Watermelons on Mars TKTK [DO NOT PUBLISH]

The New York Times pulled a story claiming police found watermelons on Mars, but we're still holding out hope.

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Image for article titled Watermelons on Mars TKTK [DO NOT PUBLISH]
Screenshot: Archive.is / New York Times (Fair Use)

It’s unfortunate that delicious watermelons are not currently among those species known to be native to Mars. Thankfully, neither are cops. So a story the New York Times published on Tuesday stating that, contrary to expectations, police had found watermelons on the Red Planet was sort of a mixed bag even if the story wasn’t bullshit, which it was.

The article, titled “Fields of Watermelons Found On Mars, Police Say”, was briefly published to the New York Times website at 2:19 p.m. ET, as shown in this archived version. Bylined by reporter “Joe Schmoe,” the story read:

Authorities say rise of fruit aliens is to blame for glut of outer space watermelons.

The FBI declined to comment onreports of watermelons raining down, but confirmed that kiwis have been intercepted. This story is terribly boring.

watermelon taste good, police say

Swiftly thereafter, the Times yanked the piece. Both the headline and text of the article currently read, “This article was published in error.”


It’s common for newsrooms to have a bunch of shit laying around dormant on the backend of their publishing systems, such as unfinished or abandoned articles, stubs (extremely short articles lacking details), obituaries of those not yet dead, sample layouts, and long-forgotten, usually unfunny in-jokes. Pretty much 100% of the time these posts, never intended to see the light of day, are never deleted, lingering for eternity in a sort of underworld data hellscape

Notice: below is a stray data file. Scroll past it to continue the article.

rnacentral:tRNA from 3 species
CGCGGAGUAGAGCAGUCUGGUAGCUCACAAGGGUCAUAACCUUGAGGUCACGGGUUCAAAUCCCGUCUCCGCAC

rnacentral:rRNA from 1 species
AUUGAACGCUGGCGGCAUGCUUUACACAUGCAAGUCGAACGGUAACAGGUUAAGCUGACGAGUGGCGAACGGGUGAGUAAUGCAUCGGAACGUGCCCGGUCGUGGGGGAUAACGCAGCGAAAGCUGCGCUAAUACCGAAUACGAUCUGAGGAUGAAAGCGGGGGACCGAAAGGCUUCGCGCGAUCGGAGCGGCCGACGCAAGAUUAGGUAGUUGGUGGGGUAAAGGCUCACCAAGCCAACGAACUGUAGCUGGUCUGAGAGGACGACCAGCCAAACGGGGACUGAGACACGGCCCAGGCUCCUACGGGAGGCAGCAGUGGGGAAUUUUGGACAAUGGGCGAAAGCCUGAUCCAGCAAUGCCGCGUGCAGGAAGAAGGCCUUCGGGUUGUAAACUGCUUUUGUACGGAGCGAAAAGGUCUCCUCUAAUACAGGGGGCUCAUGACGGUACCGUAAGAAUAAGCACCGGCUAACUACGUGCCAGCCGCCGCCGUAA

For example, this is a draft currently saved on the Gizmodo backend:

Screenshot: Tom McKay/Gizmodo

These things get errantly published all the time, whether due to technical malfunctions, frantic button-mashing, or just plain incompetence. Barring some malicious party going to all the trouble of stealing New York Times web credentials and logging into the content management system just to publish... this, that’s probably what happened here. The world may never know, as the paper didn’t respond to Futurism’s request for comment.

Anyhow, t



why did we write three hundrd words on ths